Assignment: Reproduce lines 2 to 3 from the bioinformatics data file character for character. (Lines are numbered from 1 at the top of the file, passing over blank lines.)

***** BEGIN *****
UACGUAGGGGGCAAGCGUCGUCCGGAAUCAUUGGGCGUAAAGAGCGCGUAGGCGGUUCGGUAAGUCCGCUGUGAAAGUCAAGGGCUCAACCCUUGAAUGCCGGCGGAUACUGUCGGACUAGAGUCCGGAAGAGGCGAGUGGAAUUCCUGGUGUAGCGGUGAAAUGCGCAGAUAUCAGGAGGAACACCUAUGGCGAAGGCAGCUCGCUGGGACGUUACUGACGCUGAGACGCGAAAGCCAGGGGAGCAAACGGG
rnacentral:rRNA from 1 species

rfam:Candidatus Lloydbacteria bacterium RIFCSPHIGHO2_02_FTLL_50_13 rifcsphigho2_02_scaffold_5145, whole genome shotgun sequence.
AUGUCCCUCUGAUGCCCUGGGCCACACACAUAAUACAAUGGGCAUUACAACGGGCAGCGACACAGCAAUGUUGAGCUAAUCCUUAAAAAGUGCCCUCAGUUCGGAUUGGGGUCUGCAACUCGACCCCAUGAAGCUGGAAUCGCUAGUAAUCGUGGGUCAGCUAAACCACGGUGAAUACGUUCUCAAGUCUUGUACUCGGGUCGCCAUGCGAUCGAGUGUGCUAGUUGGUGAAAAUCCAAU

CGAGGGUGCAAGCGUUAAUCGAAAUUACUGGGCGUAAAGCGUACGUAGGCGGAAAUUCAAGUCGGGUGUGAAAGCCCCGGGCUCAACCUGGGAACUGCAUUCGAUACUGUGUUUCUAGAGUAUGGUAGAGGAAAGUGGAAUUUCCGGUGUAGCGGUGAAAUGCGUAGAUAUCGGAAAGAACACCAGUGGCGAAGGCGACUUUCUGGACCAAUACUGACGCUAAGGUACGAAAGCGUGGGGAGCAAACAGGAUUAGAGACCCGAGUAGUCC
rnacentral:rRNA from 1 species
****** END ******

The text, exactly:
rnacentral:rRNA from 1 species

rfam:Candidatus Lloydbacteria bacterium RIFCSPHIGHO2_02_FTLL_50_13 rifcsphigho2_02_scaffold_5145, whole genome shotgun sequence.